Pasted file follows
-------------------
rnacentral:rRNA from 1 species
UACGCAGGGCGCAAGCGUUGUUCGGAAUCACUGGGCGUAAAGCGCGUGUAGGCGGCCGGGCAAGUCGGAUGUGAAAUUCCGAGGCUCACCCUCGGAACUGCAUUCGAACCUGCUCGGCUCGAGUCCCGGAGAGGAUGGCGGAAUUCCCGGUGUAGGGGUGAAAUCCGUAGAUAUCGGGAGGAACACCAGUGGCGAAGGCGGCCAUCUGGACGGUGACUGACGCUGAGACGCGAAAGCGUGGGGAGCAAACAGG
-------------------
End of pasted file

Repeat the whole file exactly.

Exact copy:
rnacentral:rRNA from 1 species
UACGCAGGGCGCAAGCGUUGUUCGGAAUCACUGGGCGUAAAGCGCGUGUAGGCGGCCGGGCAAGUCGGAUGUGAAAUUCCGAGGCUCACCCUCGGAACUGCAUUCGAACCUGCUCGGCUCGAGUCCCGGAGAGGAUGGCGGAAUUCCCGGUGUAGGGGUGAAAUCCGUAGAUAUCGGGAGGAACACCAGUGGCGAAGGCGGCCAUCUGGACGGUGACUGACGCUGAGACGCGAAAGCGUGGGGAGCAAACAGG